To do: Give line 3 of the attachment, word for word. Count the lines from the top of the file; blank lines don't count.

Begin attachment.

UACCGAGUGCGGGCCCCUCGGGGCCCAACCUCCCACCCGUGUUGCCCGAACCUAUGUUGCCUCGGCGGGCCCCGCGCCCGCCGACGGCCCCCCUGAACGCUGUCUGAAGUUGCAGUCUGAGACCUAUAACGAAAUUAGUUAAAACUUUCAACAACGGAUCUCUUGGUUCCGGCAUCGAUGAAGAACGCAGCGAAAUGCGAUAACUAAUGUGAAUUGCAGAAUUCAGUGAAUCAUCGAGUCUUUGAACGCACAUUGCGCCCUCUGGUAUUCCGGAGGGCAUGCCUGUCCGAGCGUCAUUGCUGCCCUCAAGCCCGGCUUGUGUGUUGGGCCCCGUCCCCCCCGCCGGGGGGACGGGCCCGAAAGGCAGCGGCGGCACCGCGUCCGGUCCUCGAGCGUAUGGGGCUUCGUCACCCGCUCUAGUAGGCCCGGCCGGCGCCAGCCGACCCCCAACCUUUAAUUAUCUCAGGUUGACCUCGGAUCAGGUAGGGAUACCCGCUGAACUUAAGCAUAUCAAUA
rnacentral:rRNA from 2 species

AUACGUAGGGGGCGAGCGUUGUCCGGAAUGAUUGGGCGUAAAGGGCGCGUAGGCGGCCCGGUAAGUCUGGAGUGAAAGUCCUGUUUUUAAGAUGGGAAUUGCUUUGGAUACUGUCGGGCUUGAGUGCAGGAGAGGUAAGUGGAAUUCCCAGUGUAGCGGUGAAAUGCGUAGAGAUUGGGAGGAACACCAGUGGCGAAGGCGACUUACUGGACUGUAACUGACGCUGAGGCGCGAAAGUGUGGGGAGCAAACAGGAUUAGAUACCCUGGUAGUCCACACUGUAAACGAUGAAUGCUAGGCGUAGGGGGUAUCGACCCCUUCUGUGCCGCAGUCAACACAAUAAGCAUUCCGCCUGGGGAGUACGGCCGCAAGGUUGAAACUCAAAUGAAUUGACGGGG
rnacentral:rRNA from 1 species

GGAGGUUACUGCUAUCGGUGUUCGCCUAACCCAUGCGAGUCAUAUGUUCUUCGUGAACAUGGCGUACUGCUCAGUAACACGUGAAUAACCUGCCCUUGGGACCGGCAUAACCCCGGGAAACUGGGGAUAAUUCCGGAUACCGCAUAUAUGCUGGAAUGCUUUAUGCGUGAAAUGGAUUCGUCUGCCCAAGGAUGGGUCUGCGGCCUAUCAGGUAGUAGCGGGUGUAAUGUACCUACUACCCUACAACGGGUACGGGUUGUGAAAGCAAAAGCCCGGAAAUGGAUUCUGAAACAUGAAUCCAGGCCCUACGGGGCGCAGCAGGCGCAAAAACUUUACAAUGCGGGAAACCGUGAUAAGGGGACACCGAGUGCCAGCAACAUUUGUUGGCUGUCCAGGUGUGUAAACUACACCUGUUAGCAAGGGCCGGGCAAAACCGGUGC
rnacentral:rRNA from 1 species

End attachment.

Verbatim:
AUACGUAGGGGGCGAGCGUUGUCCGGAAUGAUUGGGCGUAAAGGGCGCGUAGGCGGCCCGGUAAGUCUGGAGUGAAAGUCCUGUUUUUAAGAUGGGAAUUGCUUUGGAUACUGUCGGGCUUGAGUGCAGGAGAGGUAAGUGGAAUUCCCAGUGUAGCGGUGAAAUGCGUAGAGAUUGGGAGGAACACCAGUGGCGAAGGCGACUUACUGGACUGUAACUGACGCUGAGGCGCGAAAGUGUGGGGAGCAAACAGGAUUAGAUACCCUGGUAGUCCACACUGUAAACGAUGAAUGCUAGGCGUAGGGGGUAUCGACCCCUUCUGUGCCGCAGUCAACACAAUAAGCAUUCCGCCUGGGGAGUACGGCCGCAAGGUUGAAACUCAAAUGAAUUGACGGGG